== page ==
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Taytay Church

Coordinates: 14°34′17″N 121°07′57″E / 14.57125°N 121.13258°E / 14.57125; 121.13258
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Taytay Church
Minor Basilica and Parish of St. John the Baptist
The church in 2023
Taytay Church is located in Luzon
Taytay Church
Taytay Church
Location in Luzon
Taytay Church is located in Philippines
Taytay Church
Taytay Church
Location in the Philippines
14°34′17″N 121°07′57″E / 14.57125°N 121.13258°E / 14.57125; 121.13258
LocationJ. Sumulong St., Brgy. San Isidro, Taytay, Rizal
CountryPhilippines
DenominationRoman Catholic
History
Former name(s)St. John the Baptist Parish
StatusMinor Basilica
Founded1579
DedicationJohn the Baptist
Architecture
Architectural typeChurch building
Completed1630
Administration
ProvinceManila
DioceseAntipolo
DeanerySt. John the Baptist
ParishSt. John the Baptist
Clergy
RectorRev. Fr. Pedrito Noel Rabonza III

The Minor Basilica and Parish of St. John the Baptist, commonly known as Taytay Church, is a Roman Catholic church located in Taytay, Rizal, Philippines.

History[edit]

Church NHI historical marker

Franciscan missionaries first arrived to establish a parish in Taytay in 1579 and built a chapel made of light materials near the shores of Laguna de Bay named "Visita de Santa Ana de Sapa," dedicated to its patron saint, John the Baptist. Jesuit missionaries took over the administration of the parish in 1591, with Rev Pedro Chirino becoming parish priest. Under Chirino, the parish was relocated from the flood-prone shores of Laguna de Bay to a higher location in a hill which was called San Juan del Monte where the parish has remained to this day.[1]

It was during his stint as parish priest that Rev. Chirino began to document the Tagalog language as well as the way of life of Filipinos from his interactions with the inhabitants, forming the basis for his book "Relación de las Islas Filipinas".[2]

A new church made of stone was built in 1599. Completed in 1601, it was considered to be the first church built by the Jesuits out of stone outside Manila. A larger church was constructed in 1630 by Fr Juan de Salazar. In 1632 typhoon blew away the roofing of the new church, which was soon replaced with the help of the townspeople. The church sustained significant damage in 1639 when the Chinese set fire to the church in their revolt against Spanish authorities.[citation needed]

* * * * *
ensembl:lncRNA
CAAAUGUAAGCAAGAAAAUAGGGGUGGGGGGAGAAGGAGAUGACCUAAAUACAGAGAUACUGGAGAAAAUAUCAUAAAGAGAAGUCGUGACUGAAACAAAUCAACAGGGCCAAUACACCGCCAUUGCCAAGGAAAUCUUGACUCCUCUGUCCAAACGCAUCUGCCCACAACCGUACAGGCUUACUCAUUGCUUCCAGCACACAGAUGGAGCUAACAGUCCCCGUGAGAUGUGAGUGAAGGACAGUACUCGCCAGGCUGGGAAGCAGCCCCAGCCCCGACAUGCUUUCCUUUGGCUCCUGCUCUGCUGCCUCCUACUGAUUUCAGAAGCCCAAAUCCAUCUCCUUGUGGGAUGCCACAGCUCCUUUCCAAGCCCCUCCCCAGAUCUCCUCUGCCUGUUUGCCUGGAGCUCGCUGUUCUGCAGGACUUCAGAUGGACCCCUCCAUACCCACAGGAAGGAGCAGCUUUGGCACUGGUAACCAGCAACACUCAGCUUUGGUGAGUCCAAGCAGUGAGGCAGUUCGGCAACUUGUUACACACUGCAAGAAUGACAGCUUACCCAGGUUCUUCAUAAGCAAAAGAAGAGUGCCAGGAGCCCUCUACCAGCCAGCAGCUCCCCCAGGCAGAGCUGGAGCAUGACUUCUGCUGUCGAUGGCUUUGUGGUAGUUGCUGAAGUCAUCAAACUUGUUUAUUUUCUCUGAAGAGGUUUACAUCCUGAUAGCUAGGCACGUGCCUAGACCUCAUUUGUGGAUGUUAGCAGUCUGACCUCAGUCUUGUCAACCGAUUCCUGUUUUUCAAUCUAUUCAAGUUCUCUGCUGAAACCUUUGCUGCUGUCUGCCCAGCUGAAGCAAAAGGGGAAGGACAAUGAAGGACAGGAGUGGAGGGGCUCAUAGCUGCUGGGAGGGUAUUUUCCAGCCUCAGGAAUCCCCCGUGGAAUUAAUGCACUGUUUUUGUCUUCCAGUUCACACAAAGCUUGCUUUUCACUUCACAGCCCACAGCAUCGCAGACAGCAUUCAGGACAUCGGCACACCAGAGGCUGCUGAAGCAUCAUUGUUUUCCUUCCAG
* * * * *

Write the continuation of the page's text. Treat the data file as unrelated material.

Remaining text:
Blessed Diego de San Vitores and St. Pedro Calungsod[edit]

Heritage bell

Diego Luis de San Vitores was a Jesuit missionary who was assigned to Taytay from 1662 to 1668. In 1666, the Jesuits assigned a young boy named Pedro Calungsod as an altar boy in the church. Calungsod would eventually become San Vitores' assistant throughout the latter's assignment in Taytay.[1]

San Vitores was eventually assigned to be a missionary in the Marianas Islands in 1668 and Calungsod went with him as his assistant. It was in the Marianas where they would meet their martyrdom in 1672. San Vitores was among the martyred missionaries in the Mariana beatified by the Catholic Church in 1985. Calungsod was beatified in 2000 and canonized in 2012.[citation needed]

Later works and expansion[edit]

Church interior in 2023

Additional works were made to the church in 1768 and 1864. Both the church and the convent were reduced to ruins during the Philippine–American War.[1] The church remained in such state until it was reconstructed after the War. The present church is built from concrete and no trace of the old Jesuit Church.

Elevation to Minor Basilica[edit]

On January 29, 2024, the Diocese of Antipolo announced that Pope Francis had granted the parish church an elevation to the title of minor basilica. The solemn declaration of the basilica was held on July 9, 2024.[3]

See also[edit]

References[edit]

  1. ^ a b c Fernandez, Jose (2013). Lakbay-Pananampalataya. Taytay, Rizal: St John the Baptist Parish.
  2. ^ "Today in Philippine history, September 16, 1635, Father Pedro Chirino died in Manila". The Kahimyang Project. Retrieved August 30, 2017.
  3. ^ Cabalza, Dexter (February 6, 2024). "Rizal's Taytay Church now a minor basilica". Philippine Daily Inquirer. Archived from the original on February 6, 2024. Retrieved June 14, 2024.

External links[edit]